In accord, miR-103 and miR-107 can be included in the group of seven miRNAs (miR-30a-5p, miR-30b,c,d, miR-103/107, miR-191, miR-195) possibly involved in neuronal migration, through the regulation of BDNF expression in human cortex [51]. Interestingly, BDNF activates PKCδ which in turn stabilizes p35, increasing CDK5 activation. PKCδ was demonstrated to regulate the radial migration of layer II/III cortical neurons and both PKCδ and p35 are required for BDNF-stimulated migration in the culture of cortical newborn neurons [22]. Furthermore, the correct neuronal migration and cortical lamination strongly depends on CDK5 activation by p35, through the regulation of motor proteins and cytoskeleton components engaged in the cell motility [53]. It is known that p35 protein undergoes fast turnover in an ubiquitin- and proteasome-dependent manner [21] and its level is rate-limiting for CDK5 activity [17]. Thus, the maintenance of proper CDK5 activity in migrating neurons strongly depends on the level of p35 which therefore needs to be precisely regulated. Cdk5r1 KO mice show inverted stratification of cerebral cortex layers due to an abnormal neuronal migration, probably impairing the development of a normal cognitive system. CDK5R1 haploinsufficiency has been invoked as one of the possible pathogenetic causes of mental retardation in NF1 microdeletion patients [16] and some variants of this gene have been associated with isolated mental retardation [54].

The importance of maintaining suitable p35 levels probably involves different molecular mechanisms aimed at the fine tuning of its expression through protein stabilization and by regulation of mRNA stability or translational efficiency by means of the action of post-transcriptional regulatory factors such as miRNAs. Dysregulation of miRNAs has also been reported in neurological and neurodegenerative disorders, which leaves open the question of whether miRNA dysfunction could be both a cause and/or a consequence of disease [55].

One of the main CDK5 functions is phosphorylation of proteins which stabilize microtubules, such as Tau [56]. Abnormal hyperphosphorylation of Tau, also depending on CDK5 hyperactivation, appears to be the most deleterious step in neurofibrillary degeneration, leading to the formation of neurofibrillary tangles which are associated with Alzheimer's disease [57]. Interestingly, miR-107 has been shown to be significantly down-regulated in Alzheimer's disease and one of its targets, BACE1, was found to be increased [47]. Accordingly, an increased level of p35 might be caused by an increase of protein stabilization by BDNF and/or by an up-regulation following a down-regulation of miR-107, leading to hyperactivation of CDK5 in Alzheimer's disease. Intriguingly, the implication of miR-107 in the regulation of p35 expression indicates that BDNF and BACE1 may be co-regulated with CDK5R1 in the CNS.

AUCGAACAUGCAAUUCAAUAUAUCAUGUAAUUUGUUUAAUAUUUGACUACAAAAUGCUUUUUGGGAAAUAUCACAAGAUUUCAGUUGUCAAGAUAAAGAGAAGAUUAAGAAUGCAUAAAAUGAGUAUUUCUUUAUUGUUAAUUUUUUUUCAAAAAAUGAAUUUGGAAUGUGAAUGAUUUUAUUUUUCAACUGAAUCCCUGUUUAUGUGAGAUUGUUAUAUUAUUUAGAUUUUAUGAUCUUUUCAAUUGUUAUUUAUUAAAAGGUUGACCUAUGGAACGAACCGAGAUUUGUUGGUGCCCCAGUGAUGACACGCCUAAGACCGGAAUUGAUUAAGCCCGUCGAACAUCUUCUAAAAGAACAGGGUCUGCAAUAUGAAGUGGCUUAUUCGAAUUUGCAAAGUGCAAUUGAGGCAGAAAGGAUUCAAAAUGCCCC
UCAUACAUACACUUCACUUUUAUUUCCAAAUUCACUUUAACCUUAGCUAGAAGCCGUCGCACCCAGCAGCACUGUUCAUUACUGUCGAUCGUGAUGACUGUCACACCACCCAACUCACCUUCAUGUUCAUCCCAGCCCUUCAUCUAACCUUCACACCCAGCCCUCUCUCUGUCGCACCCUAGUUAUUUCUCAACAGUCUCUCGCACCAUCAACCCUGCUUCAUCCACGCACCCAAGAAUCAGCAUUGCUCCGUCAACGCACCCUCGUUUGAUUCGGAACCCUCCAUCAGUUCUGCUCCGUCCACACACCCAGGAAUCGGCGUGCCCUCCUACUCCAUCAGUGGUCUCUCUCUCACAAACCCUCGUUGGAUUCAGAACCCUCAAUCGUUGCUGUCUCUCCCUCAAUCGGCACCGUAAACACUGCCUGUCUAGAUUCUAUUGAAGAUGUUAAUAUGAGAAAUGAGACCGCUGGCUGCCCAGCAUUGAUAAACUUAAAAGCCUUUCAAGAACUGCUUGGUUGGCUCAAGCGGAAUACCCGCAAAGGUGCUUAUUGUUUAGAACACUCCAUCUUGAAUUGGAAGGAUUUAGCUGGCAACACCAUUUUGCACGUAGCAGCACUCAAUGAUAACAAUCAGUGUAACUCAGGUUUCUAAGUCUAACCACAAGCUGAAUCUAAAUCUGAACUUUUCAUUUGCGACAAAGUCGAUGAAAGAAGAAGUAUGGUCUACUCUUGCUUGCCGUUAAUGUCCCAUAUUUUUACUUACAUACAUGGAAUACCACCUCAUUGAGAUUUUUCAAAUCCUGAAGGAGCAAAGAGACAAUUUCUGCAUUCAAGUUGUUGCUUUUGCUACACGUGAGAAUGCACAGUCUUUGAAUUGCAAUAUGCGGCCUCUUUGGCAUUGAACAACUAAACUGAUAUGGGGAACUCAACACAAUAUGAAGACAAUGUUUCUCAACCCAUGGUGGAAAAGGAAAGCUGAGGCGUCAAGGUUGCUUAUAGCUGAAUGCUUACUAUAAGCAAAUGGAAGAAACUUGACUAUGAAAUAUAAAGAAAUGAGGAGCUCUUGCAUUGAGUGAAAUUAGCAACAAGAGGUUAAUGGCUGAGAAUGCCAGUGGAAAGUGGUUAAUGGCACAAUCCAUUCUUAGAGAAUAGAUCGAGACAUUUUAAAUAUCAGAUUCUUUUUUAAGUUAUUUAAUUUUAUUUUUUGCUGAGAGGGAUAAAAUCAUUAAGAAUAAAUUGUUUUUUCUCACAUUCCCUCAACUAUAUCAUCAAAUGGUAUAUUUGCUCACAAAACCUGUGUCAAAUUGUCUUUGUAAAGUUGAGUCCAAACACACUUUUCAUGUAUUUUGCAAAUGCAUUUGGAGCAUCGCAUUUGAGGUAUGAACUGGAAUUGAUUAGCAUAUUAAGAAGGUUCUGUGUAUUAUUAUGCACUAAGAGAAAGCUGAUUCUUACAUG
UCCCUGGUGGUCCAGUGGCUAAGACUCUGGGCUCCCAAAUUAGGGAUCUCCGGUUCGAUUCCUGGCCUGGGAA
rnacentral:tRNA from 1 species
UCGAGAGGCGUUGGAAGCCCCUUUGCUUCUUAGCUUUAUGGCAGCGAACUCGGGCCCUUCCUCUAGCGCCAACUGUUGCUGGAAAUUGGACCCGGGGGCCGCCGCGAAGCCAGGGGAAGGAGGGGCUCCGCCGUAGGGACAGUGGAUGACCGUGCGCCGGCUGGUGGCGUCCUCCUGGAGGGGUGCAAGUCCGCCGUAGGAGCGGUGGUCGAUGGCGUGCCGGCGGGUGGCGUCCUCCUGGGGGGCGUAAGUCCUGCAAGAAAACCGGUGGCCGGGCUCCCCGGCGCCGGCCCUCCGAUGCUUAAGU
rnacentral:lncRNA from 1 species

The direct interaction of miR-103 and miR-107 with the CDK5R1 3′-UTR has been proved by functional studies using luciferase constructs with the whole CDK5R1 3′-UTR, or with a portion of the 3′-UTR including one, or in a few cases two, binding sites. The increased luciferase activity in constructs deleted of S1 and S8 binding sites suggests their destabilizing function. Unexpectedly we observed that the deletion of S5/6 and S10 sites decreased the luciferase activity of R3 and R6 constructs, respectively. Even if we verified that the mutagenesis did not create miRNA target sites or recognizable cis-regulatory elements by using different bioinformatics tools, we can not exclude that unknown cis-regulatory elements or miRNA target sites or secondary structures destabilizing mRNA may have been created by our manipulation. The co-transfection of constructs containing S1 or S8 sites with miR-103 or miR-107 allowed us to validate the direct action of the two miRNAs for the S1 target site. This result can be explained by the lower hybridization free energy with miR-103 and miR-107 of S1, which has the lowest hybridization free energy of all the predicted miRNA target sites, based on both PicTar and RNAhybrid tools. We have to take into account that the luciferase activity of all the wild-type constructs was reduced with respect to the control pGL4.71P plasmid, due to the presence of several post-transcriptional regulatory elements with a inhibitory effect on gene expression all along CDK5R1 3′-UTR [23]. This feature made the detection of further decrease of luciferase activity more difficult. In addition, it is worth noting that S1 is specific for miR-103 and miR-107, while S8 can also be targeted by miR-15a and miR-195, whose action may explain the increase of luciferase activity in the construct deleted of S8 binding site.